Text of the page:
Because I take care of people who are physically injured, most of my clients miss time from work. Many of my Virginia and Washington DC clients are Federal employees – when they miss time from work, most of the time, the HR department can run a payroll report that shows the days they missed from work around the time of the injury and the days they missed work due to doctor’s appointments. Add to that a pay stub and voila! We know what the lost wage claim is.
Lost Wages For Self-Employed Gig Workers
More and more, however, employees are contractors or gig workers who can’t simply run a payroll report to determine lost wages. Their lost income is just as real, if not more so, because chances are that they don’t have a sick leave bank to cover the “lost wages.” They are really, truly, cash strapped because they cannot work. Still, they still need to prove their lost wages in order to receive compensation. Here are some steps gig workers can take to prove lost wages.
- Keep records of your earnings: Maintain records of your earnings from gig work, such as bank statements or PayPal transactions, to show the amount of money you were actually earning before your injury or loss. Proving earnings week over week can be a very persuasive way to prove what someone would have earned if they had not been hurt.
If your record keeping is on the informal side, getting hurt should be a trigger for you to get organized. A recent Virginia bicycle crash client had a crash back in 2015. Trying to reconstruct lost wages that far back has been excruciating. The best time for her to truly capture her lost earnings was at the time of her injury. Recreating gig work income years later is nearly impossible. (And if you make a lost wages claim, make sure you are in full compliance with our friends at the IRS. If you claim you lost significant wages, your year-end taxes from the year of the injury and the year prior need to be consistent with your claim and demonstrate you are a tax paying citizen!)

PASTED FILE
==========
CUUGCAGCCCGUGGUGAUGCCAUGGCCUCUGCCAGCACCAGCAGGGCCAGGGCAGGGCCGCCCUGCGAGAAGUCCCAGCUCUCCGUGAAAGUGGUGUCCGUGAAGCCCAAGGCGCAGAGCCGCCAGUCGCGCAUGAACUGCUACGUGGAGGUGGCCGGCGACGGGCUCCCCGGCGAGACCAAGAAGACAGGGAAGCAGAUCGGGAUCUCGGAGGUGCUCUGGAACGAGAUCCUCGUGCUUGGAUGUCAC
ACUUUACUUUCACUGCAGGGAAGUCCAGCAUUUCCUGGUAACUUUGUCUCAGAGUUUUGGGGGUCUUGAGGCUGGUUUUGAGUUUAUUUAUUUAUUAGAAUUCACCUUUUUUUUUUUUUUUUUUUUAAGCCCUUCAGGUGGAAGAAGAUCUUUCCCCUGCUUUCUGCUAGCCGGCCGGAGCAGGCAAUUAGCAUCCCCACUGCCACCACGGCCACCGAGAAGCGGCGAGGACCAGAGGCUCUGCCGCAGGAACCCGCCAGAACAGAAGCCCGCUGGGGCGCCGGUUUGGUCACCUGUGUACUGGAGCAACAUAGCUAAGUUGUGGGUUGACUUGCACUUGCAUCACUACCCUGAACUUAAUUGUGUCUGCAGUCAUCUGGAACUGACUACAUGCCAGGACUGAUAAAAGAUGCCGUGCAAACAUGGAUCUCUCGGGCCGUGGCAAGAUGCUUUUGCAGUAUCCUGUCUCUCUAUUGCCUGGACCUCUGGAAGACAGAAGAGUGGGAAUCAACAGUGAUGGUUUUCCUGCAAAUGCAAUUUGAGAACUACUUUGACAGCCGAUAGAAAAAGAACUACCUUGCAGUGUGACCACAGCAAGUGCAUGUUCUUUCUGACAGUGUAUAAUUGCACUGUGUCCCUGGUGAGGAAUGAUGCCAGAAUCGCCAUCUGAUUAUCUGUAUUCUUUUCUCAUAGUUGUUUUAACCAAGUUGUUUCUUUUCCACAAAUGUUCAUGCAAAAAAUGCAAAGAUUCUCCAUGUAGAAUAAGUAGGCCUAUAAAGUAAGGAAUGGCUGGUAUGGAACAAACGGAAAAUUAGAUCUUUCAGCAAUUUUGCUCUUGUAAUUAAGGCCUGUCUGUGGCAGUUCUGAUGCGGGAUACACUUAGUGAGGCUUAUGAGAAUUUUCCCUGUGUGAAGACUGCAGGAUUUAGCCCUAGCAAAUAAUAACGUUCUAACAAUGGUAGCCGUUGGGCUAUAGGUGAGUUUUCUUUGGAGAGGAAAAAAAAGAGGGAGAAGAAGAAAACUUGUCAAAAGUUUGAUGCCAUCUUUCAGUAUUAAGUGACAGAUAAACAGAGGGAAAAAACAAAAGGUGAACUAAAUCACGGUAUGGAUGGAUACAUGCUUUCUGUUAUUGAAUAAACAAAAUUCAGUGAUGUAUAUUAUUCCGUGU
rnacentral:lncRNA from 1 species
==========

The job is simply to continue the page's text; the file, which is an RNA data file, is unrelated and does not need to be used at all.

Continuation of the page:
- Gather documentation: Keep track of all the jobs you were scheduled to perform or missed as a result of your injury or loss. This can include invoices, receipts, or any other documentation that shows the amount of money you were expected to earn.
- Provide detailed testimony: If you need to prove lost wages in court, you may need to provide detailed testimony about the nature and extent of your gig work and the impact of your injury or loss on your earnings. You may also need to provide evidence of your work history and experience to show that your gig work was a significant source of income. This type of evidence is very weak. If a person claims they would have made substantial income if not for the injury, a judge or jury will be skeptical if there is no money to back it up.
By gathering and presenting strong evidence of your lost wages, you can increase your chances of receiving compensation for the financial impact of your injury or loss. The process of proving lost wages can be complex and may require the assistance of a knowledgeable attorney. If you have been out of work due to an injury and need help figuring out if you have a strong claim for lost wages, from a bike accident or auto accident contact our experienced personal injury attorney for help.